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Jason showed me some of the work he has been doing with the MBE ECUs which I am now 100% set on getting fitted to mine. Really nice pieces of kit and used by the likes of Caterham, Noble and Harley Davidson so fully type approved and OEM quality. Mine randomly lost all power last weekend, a quick rummage in the foot well and order was restored I think I am on borrowed time with my loom, it has already been repaired twice at great expense, looking at the quality looms Jason makes up for the MBE systems I am convinced this is the way to go.

The Griff did well against the M5s at Sunday service:

What I cannot work out is if I have a mildly tuned 500 with 275BHP at the wheels, how does a completely standard 500 leave me for dead mid track onwards despite getting a good start?

In summary TVR Power = awesome. TVR Power 885 cam = awesome. Driver needs lessons. How the F*** is Dave’s Griff so quick?

T5 Gearbox S10 Tail Housing conversion

Before I begin I must mention David Byron to thank him for his assistance and guidance with this modification.

All TVRs from late Griffith onwards use the Borg Warner T5 gearbox. Griffith and Chimaera used an earlier tail housing for the T5 box which required an additional linkage to bring the shifter out in the correct place.

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On the later ‘T’ cars TVR used the S10 tail housing which presented the shifter in the correct place and did away with the additional linkage.

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The basis of this modification is to retrospectivily fit the later S10 tail housing to the T5 gearbox in my Griffith, thus deleting the additional TVR linkage and improving the feel of the gearbox. I also opted to complete a number of other small enhancements along the way.

John Reid at Readman Racing (Grantura Engineering) has been offering this upgrade for a while and supplies reconditioned S10 tail housings with a new top section with all new bushes and the new selector etc so that the two complete units can just be swapped straight over. From speaking to other owners who have completed the modification a new mount for the gearbox is required and also the TVR remote linkage offsets the gear lever by about 2 inches toward the driver so a dog leg needs to be introduced into the shifter to present it in the same position as before.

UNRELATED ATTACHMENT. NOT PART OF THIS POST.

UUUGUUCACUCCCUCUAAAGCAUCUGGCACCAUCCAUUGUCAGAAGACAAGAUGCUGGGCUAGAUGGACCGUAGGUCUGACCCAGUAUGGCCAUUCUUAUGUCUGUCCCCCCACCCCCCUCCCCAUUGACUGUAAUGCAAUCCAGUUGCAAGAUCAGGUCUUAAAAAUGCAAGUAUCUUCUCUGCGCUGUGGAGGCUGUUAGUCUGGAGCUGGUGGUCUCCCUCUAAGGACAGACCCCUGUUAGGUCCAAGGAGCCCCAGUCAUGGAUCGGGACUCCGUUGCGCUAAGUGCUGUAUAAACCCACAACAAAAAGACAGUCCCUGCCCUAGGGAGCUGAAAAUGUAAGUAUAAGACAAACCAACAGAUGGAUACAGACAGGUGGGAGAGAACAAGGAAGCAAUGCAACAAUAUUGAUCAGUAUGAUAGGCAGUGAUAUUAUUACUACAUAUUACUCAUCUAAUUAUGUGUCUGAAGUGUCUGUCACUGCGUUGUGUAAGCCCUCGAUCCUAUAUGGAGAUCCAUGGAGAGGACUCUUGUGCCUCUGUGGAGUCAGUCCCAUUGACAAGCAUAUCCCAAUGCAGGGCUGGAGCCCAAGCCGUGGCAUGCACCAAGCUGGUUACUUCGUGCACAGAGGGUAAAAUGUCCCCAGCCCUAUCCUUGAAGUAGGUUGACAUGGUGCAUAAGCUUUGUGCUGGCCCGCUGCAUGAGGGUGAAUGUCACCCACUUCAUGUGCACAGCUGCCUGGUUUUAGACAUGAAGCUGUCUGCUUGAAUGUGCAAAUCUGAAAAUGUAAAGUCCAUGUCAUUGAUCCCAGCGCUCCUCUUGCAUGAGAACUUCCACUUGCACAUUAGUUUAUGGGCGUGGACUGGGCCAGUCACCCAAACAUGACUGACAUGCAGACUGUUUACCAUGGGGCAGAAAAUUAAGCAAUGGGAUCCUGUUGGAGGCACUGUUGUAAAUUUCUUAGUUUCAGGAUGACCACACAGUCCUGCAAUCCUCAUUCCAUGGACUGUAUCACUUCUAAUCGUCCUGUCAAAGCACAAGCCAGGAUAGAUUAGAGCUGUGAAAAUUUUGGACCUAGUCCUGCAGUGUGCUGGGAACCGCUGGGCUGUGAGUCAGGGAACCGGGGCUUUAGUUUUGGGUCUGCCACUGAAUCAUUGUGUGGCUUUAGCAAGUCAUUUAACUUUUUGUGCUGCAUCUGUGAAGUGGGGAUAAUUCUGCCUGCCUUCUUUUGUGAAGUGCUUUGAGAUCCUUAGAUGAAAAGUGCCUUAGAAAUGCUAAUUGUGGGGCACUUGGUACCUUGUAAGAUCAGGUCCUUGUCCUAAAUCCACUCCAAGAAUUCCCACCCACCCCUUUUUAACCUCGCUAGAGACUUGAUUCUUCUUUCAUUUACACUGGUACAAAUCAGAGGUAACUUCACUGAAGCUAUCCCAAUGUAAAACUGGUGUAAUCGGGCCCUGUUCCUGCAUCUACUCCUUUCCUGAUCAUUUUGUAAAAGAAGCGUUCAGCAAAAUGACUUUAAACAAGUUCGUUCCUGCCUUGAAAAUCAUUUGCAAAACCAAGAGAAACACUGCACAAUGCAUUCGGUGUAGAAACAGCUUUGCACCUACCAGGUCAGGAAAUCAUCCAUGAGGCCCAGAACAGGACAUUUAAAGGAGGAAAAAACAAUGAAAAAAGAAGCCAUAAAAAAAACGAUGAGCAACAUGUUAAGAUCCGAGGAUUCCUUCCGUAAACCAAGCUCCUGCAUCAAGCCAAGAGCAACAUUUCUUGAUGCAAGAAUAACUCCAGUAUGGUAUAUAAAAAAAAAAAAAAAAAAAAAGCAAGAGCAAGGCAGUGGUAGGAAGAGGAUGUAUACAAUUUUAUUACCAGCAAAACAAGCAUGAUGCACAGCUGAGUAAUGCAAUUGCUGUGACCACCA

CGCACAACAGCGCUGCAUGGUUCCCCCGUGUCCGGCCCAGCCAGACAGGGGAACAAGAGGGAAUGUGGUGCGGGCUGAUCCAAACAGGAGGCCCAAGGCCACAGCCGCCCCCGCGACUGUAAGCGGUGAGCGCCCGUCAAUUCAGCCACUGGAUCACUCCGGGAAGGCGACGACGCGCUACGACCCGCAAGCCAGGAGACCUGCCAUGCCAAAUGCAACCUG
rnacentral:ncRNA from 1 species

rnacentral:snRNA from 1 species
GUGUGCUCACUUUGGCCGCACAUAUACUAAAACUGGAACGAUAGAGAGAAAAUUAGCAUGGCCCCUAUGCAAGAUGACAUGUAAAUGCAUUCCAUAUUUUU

As part of the S10 package I also purchased a bronze shift cup and bronze shift forks to replace the standard plastic items again supplied by John Reid.

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I also opted for a replacement Hurst shifter with improved pre-loading to make shifting from 2nd to 3rd easier. I purchased a custom Hurst shifter from Core Shifters built specifically for S10 T5 boxes and with a custom fulcrum height designed for the 6 inch TVR stick.

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Finally I decided upon a custom Stainless Steel gear knob from Chris at Lathewerks in the USA. Machined from a solid block of steel and weighing in at 550G it is approximately 3 times heavier than the original TVR item and has a slightly bigger circumference.

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David Batty my TVR specialist has completed the modifications to the gearbox while changing the clutch and replacing the leaking rear main oil seal.

First impressions are good, it is now easier to select gears at the far end of the box (5th and reverse). The Hurst shifter has reduced the distance between the gears slightly and has a more positive self centering effect. I will update this once I have done over 1000 miles to get a feel for it.

1000 mile update – I have since completed a RWYB day at Santa Pod, a number of long 300+ journeys and a track day at the Lotus test track. I am pleased with the improvements to the gearbox and definitely worthwhile if the box is coming out anyway, I would personally not recommended spending the money on labour removing the box just to have this mod done. The difference is not night and day different just subtly improved.

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Castle Combe Track Day

Castle Combe

Another fantastic track day made even better by great TVR friends. I was in two minds whether to book this up as it is a bit of a trek for me but glad I made the effort. It was an early 04:30 start for me but the traffic was good and arrived at 08:00 for the briefing.

The briefing was interesting, I made particular note of Quary being the most crashed corner of any UK track so the advice given was brake before the hill, neutral throttle over the hill and then brake further once on the correct line on entry to the corner. I never quite mastered it but the car is still in once piece so that is a bonus.castle-combe-track-layout

I opted straight for the instruction which Peter managed to negotiate into the price of the day when he booked the group. The instructor was very helpful and showed me lines and gave me lots of useful tips.